October 6, 1972: Global Van Lines arrived to pick up all our remaining belongings (Jet Air Freight had shipped about 5,000 pounds of smaller items—which could be packed in larger cartons—for us at no charge). The trailer seemed so loaded when Global got there, I didn't know how they were going to get all our stuff on it. And I was right; they couldn't fit it all in.

    "What a mess! Here we are with the house sold; we have no right to leave anything in it; Global can't take it all. What now?" I wondered.

    Eleanor got on the phone and called the buyers to tell them what a pickle we were in and asked if we could leave part of our belongings in the garage. She told them Global said they'd pick the rest up in the next week. Thank God they agreed, though as I recall, they weren't overly pleased with the request. To say the least, we were not very happy with Global Van Lines!

October 7, 1972: Our son Tim was determined he would not go along with us to California as we were getting ready to leave. He and Cindy (his girlfriend) drove up to the house and carried on, even kicking the car as they walked by it (at least Cindy did). The departure was not a happy one, as we saw nothing we could do to force Tim to go with us. So we left with heavy hearts.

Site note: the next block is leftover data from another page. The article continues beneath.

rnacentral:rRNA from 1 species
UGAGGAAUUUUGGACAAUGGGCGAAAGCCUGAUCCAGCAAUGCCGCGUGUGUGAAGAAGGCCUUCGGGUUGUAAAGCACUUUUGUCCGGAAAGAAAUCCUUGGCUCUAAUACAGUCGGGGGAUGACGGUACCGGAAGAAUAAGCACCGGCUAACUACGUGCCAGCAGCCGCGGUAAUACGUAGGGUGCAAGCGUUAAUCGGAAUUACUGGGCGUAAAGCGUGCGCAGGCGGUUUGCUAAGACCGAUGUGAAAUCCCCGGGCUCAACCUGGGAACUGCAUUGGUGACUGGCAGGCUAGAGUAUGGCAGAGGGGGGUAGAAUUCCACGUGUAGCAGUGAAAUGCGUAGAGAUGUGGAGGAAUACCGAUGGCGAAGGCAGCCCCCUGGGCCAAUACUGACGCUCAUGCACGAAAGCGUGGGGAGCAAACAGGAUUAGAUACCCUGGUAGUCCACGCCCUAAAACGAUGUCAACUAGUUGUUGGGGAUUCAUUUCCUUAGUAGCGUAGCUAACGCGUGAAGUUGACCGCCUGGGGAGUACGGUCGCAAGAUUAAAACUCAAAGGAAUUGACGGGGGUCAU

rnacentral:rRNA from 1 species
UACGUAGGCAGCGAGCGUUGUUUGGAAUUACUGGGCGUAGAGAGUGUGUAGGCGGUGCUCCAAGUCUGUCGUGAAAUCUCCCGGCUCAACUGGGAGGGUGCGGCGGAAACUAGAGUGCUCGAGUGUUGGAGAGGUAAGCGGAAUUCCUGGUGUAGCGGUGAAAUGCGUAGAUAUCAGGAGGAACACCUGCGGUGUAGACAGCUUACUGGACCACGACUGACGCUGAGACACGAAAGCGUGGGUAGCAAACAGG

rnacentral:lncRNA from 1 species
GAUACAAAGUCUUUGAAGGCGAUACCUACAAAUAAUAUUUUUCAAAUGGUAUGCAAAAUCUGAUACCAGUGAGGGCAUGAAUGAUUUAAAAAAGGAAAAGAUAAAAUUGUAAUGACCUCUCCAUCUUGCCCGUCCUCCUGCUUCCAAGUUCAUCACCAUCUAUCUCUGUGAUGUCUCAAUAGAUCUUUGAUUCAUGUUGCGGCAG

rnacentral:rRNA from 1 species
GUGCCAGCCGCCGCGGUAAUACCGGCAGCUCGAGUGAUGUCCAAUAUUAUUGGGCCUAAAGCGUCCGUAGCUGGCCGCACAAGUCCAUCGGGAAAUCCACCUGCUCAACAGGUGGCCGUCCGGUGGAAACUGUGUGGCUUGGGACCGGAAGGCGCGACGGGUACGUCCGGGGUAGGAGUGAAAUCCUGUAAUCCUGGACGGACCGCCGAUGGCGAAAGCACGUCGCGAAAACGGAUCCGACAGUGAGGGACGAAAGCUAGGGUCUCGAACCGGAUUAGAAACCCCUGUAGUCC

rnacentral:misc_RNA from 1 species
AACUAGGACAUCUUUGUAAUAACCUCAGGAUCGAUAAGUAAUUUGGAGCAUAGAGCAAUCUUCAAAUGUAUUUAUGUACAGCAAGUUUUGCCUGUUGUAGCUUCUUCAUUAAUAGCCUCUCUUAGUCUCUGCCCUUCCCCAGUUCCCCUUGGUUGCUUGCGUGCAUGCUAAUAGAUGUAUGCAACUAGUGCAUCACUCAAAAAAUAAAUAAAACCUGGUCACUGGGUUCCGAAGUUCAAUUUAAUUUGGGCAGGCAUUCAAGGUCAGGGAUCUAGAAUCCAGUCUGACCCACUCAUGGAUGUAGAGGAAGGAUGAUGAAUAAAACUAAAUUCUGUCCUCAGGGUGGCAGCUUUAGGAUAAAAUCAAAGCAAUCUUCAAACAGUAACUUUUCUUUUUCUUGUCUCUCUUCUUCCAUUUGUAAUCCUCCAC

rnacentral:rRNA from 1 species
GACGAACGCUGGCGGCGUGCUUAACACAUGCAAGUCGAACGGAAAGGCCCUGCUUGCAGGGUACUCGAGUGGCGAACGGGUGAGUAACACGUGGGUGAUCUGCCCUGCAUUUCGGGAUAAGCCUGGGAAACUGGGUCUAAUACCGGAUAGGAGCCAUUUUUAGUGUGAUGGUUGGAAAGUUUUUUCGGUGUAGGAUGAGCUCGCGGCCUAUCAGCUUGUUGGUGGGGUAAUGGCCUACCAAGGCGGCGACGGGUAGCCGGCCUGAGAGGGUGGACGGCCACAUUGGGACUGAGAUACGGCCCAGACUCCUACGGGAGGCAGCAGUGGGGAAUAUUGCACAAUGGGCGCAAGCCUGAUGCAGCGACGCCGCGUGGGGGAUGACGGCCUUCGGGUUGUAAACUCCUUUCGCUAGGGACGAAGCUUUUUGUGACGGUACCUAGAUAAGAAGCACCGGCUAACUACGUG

October 10, 1972: We arrived in Scottsdale, Arizona, and stayed at Eleanor's second cousin Marsha's house for a day or two. Marsha had been married several times, the last husband being Mr. de Berge. He owned and operated a huge electrical manufacturing plant in Phoenix which looked as though it covered a square block. They built (themselves) a home on old Route 66 which was later turned into a wax museum. That marriage ended in a divorce. Marsha always kept in touch with relatives and treated us all to extravagant dinners at fancy places all around the Scottsdale/Phoenix area whenever we came to visit.


Editor's Trip Notes During Our Move to California:

[   7 OCT 72 -- Father has been ill; but now we're ready to move. Left very late (after 11 PM) and made it to Braidwood, IL by 1:15 AM (close to Streator, IL).
    8 OCT 72 -- Saw our truck (Global Van Lines) on Route 66 near Dwight at approx. 11 AM. I drove from Springfield, IL through St. Louis to Springfield, MO. We made it to Miami, OK by 9 PM.
    9 OCT 72 -- I drove from Miami, OK through Tulsa to Oklahoma City, OK. We met Sheila Broadhead at their home there. After eating, I drove to Tucumcari, NM from Amarillo, TX. Arrived at 9 PM (MST).
    10 OCT 72 -- We saw our truck again in Santa Rosa, NM. Visited Ron Goodrich in Albuquerque. I drove from Grants, NM to Flagstaff and then to Phoenix, and from there to Scottsdale, AZ where we visited aunt Alma. We spent the night in Sun City, AZ.
    11 OCT 72 -- I began driving 20 miles outside of Indio, CA to Redlands. From there I drove to Anaheim where I stayed with my family until Sunday (the 15th). ]


Chapter 29


Chapter 31


1[Return to Text]   See, for example, this Monday, July 17th, 1972, clipping, page 55 from the Arlington Heights, Daily Herald.